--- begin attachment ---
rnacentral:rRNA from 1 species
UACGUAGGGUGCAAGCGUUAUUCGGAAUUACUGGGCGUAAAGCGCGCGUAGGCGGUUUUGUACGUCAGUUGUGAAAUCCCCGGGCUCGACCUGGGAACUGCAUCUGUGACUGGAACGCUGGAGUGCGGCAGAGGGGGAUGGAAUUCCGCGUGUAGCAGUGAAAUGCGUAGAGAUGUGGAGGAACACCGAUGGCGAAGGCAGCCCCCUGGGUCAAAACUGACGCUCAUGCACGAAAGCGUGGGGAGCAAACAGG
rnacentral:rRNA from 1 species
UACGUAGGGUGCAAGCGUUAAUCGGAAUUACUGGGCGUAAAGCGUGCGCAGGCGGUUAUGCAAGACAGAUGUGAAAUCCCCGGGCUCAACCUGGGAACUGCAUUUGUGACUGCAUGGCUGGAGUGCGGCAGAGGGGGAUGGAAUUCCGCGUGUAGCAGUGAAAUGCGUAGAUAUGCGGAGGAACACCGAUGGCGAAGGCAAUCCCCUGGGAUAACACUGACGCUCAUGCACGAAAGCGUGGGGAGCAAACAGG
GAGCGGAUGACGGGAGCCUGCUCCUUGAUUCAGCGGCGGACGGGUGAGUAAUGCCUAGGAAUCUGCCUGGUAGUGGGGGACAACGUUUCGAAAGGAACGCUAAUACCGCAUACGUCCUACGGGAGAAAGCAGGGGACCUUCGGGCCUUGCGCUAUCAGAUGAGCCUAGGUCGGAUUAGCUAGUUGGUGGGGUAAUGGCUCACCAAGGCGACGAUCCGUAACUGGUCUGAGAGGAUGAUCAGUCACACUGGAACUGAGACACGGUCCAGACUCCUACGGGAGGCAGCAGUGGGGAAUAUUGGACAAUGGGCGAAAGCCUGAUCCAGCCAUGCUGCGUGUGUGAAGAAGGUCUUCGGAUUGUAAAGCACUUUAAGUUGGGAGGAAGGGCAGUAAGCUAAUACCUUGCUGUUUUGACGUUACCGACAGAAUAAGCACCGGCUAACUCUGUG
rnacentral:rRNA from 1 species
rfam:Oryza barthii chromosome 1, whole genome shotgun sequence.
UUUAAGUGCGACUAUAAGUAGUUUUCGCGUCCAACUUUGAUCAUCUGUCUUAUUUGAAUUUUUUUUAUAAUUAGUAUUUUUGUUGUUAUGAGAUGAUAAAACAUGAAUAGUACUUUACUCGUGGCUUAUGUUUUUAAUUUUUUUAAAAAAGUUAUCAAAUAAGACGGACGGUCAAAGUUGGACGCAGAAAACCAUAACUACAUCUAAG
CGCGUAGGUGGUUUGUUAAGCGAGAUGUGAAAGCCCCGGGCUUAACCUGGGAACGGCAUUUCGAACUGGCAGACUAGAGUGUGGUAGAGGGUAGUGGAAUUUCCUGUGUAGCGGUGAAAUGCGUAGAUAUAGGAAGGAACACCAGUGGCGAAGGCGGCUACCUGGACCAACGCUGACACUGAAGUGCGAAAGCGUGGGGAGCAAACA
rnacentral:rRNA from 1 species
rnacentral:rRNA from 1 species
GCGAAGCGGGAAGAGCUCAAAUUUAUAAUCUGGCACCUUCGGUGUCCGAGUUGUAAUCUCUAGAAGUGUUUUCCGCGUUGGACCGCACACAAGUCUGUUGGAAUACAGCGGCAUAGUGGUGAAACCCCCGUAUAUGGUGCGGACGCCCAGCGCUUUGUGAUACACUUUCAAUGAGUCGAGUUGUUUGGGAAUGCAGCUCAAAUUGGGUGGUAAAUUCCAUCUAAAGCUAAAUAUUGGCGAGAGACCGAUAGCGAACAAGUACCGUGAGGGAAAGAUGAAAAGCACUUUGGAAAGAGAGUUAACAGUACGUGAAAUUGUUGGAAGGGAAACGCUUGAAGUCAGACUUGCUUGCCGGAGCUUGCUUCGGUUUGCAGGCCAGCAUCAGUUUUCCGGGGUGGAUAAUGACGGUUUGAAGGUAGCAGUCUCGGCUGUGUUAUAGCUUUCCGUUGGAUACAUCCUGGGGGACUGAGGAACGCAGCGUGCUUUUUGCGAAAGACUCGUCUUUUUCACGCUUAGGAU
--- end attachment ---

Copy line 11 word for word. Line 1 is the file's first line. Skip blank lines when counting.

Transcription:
rnacentral:rRNA from 1 species